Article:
About 70 percent of American households donated to at least one of the more than one million charitable organizations in the United States in 1998. And everyone, no matter where they send their money, wants to know that it's being put to good use.
If you drive by the Salvation Army's Spokane headquarters at 222 E. Indiana this summer, you shouldn't have any trouble seeing where the organization is spending its donated dollars. Plans are already underway for the Salvation Army's "family campus," a consolidation of services stretching for two city blocks: a self-contained area where program recipients will have access to housing, classes, counseling, health care and even shopping.
"Joining our two [existing] facilities, which are the administration and community center, is the family resource center," says Carrie Green, director of development with Spokane's Salvation Army. "You can get food and food vouchers, and take cooking classes; there will be job searching on computers and day care."
So far, the Salvation Army has raised $8 million of the $11.5 million it needs to complete the campus -- an impressive amount, considering that difficult economic times traditionally hit charities hard. But the Peter F. Drucker Foundation for Nonprofit Management says the Salvation Army is one of the best-rated charities in terms of using its money well. Of every dollar donated to the Salvation Army, between 83 and 92 cents goes toward the purpose donors intended - a rate higher than that of most charities. This Army is no mere platoon: Its entire operating income in the United States is about $2.14 billion. Most of that money is poured directly into human services and community centers.
The Drucker Foundation's evaluation of the Salvation Army is especially helpful for the Spokane chapter, as it continues to gain support for one of the biggest social services projects this area has seen. The family campus will harbor two separate sections for housing. A transitional housing building will have 30 three-bedroom apartments for families hoping to stay for up to two years; temporary housing will offer 30 new rooms and sleep 110 individuals a night.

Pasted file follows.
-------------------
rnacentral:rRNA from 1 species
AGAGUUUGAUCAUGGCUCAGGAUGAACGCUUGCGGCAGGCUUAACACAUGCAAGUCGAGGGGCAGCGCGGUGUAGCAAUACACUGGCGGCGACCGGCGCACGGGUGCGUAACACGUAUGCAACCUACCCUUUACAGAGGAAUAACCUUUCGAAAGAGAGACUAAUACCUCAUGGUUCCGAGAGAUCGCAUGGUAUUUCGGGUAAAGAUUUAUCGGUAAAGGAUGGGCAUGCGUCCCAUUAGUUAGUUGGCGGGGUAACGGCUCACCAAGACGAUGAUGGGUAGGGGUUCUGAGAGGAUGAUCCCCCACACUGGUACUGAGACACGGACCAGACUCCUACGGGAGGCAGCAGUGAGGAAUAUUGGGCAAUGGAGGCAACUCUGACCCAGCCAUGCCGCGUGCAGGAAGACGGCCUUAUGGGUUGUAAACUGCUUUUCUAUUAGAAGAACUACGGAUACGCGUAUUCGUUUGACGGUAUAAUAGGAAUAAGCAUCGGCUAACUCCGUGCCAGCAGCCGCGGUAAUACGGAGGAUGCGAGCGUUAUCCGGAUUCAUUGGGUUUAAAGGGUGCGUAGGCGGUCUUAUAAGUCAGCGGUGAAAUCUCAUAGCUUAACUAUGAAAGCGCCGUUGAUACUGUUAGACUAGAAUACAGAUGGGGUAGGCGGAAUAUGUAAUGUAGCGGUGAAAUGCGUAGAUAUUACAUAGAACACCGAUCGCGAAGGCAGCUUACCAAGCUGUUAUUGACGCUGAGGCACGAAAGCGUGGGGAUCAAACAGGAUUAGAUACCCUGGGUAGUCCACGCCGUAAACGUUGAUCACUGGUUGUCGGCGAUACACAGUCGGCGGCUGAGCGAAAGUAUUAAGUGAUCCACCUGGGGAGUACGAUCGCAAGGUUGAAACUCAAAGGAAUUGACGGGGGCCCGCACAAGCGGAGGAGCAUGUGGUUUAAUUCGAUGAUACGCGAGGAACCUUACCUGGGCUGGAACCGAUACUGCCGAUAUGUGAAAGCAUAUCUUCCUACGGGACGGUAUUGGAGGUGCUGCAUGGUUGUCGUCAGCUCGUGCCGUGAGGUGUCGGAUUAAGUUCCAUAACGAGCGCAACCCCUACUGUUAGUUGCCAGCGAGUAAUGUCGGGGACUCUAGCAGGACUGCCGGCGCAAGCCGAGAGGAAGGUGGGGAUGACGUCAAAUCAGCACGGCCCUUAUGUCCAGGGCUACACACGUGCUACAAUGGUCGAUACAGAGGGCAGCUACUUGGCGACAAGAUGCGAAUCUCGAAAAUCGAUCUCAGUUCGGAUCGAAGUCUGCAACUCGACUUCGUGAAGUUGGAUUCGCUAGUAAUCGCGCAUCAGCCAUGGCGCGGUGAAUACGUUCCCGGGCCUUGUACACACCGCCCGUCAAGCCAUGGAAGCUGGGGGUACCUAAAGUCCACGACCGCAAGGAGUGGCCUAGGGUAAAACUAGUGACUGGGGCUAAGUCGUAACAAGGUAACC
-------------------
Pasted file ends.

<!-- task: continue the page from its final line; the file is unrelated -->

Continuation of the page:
"We are bringing to the campus a District 81 program for homeless children," says Green, referring to the multitude of outreach programs that will be available. "The People's Clinic for people with no health care worked out a deal with EWU where students getting their master's in social work can do their practicum there. Dentistry will also be provided."
Green says the campus will continue to provide shelter for children with nowhere else to go.
"We have here in the community center Sally's House, an interim foster receiving center. We got five kids last week from a crack house. Child protection services dropped them off here and they can stay here for 30 days, or until we find foster care or a guardian," Green explains.
The Army's followers are called Salvationists for a reason: It's a Christian organization with clear positions on moral issues. Yet Green says they simply want to provide a space to heal, and sometimes that includes worship.
"The whole idea is we get you cleaned up and stabilized and then you start examining what led you to that -- and some people explore religion. But if you're not the least bit religious, it doesn't matter."
Green says that the Salvation Army is planning a community campaign kickoff in October to raise awareness of the changes.
"The accommodations will almost double our capacity," says Green. As far as the family resource center, that will double, too. It's just going to be so much more efficient. We'll be like the one-stop shop for the homeless."
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